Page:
Volltext: Very small countries: economic success against all odds

where C is the consumption of a bundle of private goods and θ(< 1) is the elasticity of substitution. The budget constraint is: (2) with Y as the exogenous level of individual income. It can easily be shown that the maximization of (1) subject to (2) yields the following optimal supply of the public good: (3) What we are interested in is the ratio of public expenditure to GDP, G/YN. If the first derivative of G/YN with respect to N, (4) is negative, then the ratio of public expenditure to GDP declines with a growing number of tax payers or inhabitants, respectively. Needless to say, the actual sign of equation (4) depends on the range of θ. The less substitutable C and G (the smaller θ), the greater the effect of population on government size. At the limit (where θ= – ∞) one can easily see, though, that an increase of N runs in the opposite direc- tion, but the right-hand side of equation (4) remains negative in any case, with the notable exception of θ= – ∞and N = ∞, where there is no in- fluence of country size (population) on government size (public expen- diture to GDP ratio). It is also fairly easy to show that there are no size effects by using a Cobb-Douglas utility function, which is approached by a unit elasticity of substitution here (θ= 0). For the interval θ= [0;1[ we obtain a positive sign for the right-hand side of equation (4), which would be contrary to the conjecture developed above. If θ= 1, the uti - lity function is linear, but equation (4) is not defined in that case. According to Alesina and Wacziarg (1998) the resemblance to two well-known effects in economics provides a proper intuition. First, an increase in N of course reduces the per capita costs of provision of G and allows more income to be allocated to private consumption. This may be 40Does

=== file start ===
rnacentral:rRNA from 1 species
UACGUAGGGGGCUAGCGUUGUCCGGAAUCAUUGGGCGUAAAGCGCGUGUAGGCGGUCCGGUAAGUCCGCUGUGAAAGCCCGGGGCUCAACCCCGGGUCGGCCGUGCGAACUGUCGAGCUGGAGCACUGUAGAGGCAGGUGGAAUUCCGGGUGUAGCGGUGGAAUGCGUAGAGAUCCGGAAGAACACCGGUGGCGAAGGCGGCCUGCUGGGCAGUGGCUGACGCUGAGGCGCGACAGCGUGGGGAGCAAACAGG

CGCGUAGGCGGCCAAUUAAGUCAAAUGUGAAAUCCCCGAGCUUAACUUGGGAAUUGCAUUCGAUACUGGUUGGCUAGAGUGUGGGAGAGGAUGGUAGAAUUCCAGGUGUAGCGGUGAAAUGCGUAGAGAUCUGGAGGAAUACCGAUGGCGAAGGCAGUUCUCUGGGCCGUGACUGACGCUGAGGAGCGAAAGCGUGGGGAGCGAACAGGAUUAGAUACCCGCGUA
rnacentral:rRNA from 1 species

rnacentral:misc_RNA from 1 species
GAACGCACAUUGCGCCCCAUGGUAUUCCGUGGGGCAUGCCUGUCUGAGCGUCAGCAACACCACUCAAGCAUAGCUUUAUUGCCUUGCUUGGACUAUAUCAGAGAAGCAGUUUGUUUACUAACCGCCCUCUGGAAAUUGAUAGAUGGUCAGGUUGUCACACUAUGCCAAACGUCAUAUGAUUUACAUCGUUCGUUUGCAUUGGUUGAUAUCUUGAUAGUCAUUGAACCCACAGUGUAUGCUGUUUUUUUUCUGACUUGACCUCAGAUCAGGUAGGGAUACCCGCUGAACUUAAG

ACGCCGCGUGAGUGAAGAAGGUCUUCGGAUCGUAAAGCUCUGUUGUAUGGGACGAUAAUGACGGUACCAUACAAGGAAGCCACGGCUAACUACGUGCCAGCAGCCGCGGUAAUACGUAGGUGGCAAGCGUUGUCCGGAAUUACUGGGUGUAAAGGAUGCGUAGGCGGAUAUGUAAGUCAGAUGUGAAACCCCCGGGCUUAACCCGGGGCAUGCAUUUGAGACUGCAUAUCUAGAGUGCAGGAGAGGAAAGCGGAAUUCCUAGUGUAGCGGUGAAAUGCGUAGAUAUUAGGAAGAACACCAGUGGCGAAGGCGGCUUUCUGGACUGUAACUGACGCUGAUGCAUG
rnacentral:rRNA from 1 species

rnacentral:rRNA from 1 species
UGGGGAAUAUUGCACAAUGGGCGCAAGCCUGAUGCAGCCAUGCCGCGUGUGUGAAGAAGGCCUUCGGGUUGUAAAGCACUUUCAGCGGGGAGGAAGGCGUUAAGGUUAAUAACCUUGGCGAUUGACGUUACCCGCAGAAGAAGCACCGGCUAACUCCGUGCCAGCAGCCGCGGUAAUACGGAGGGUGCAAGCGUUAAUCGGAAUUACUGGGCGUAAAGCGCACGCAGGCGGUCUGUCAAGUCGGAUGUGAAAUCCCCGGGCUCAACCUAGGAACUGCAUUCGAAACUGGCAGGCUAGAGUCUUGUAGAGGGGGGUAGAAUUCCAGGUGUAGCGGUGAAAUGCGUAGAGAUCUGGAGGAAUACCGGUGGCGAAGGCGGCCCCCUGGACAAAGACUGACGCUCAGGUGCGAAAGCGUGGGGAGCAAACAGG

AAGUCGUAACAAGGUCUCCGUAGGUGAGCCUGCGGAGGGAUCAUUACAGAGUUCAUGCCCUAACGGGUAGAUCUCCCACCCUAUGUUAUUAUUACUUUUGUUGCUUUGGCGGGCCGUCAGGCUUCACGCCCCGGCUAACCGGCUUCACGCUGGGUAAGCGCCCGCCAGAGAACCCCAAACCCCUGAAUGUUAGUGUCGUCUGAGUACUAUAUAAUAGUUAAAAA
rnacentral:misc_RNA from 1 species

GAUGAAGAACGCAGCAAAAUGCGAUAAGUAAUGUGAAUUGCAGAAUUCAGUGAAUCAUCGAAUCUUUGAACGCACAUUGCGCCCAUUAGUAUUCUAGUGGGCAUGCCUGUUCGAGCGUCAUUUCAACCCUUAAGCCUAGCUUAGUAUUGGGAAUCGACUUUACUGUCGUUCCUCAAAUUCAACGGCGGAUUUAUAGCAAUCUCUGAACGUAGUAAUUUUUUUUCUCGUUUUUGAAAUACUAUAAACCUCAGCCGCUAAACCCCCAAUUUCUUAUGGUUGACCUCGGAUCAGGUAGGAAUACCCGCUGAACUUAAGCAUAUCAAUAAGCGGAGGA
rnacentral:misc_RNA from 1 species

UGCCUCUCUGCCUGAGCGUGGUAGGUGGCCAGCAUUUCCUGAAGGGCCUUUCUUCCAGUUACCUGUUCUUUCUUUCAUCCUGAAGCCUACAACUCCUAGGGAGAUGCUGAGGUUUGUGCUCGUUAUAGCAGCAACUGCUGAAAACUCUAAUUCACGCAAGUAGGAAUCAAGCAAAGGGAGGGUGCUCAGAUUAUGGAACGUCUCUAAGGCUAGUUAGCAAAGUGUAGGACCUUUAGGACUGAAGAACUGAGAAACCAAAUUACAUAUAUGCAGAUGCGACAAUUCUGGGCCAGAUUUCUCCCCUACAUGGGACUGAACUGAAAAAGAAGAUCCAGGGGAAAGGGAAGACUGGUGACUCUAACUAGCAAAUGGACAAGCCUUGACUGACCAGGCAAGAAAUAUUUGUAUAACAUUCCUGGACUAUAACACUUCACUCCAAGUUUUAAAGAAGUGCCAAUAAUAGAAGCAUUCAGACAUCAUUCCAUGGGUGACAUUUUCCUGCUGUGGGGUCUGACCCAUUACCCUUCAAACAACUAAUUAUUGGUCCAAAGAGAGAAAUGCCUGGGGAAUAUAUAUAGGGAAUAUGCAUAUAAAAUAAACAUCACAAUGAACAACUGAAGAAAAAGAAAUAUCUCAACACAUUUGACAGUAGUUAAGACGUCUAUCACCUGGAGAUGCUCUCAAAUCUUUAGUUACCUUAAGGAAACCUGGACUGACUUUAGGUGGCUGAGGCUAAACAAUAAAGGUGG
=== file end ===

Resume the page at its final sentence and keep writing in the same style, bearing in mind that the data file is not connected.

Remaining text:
country size matter for public sector size? C = Y –GN Y N G =N+ 1 
θ θ-1 Y N 
Gθ θ-1 
θ-1 + 1) 
θ θ-1 (N2 
= ∂


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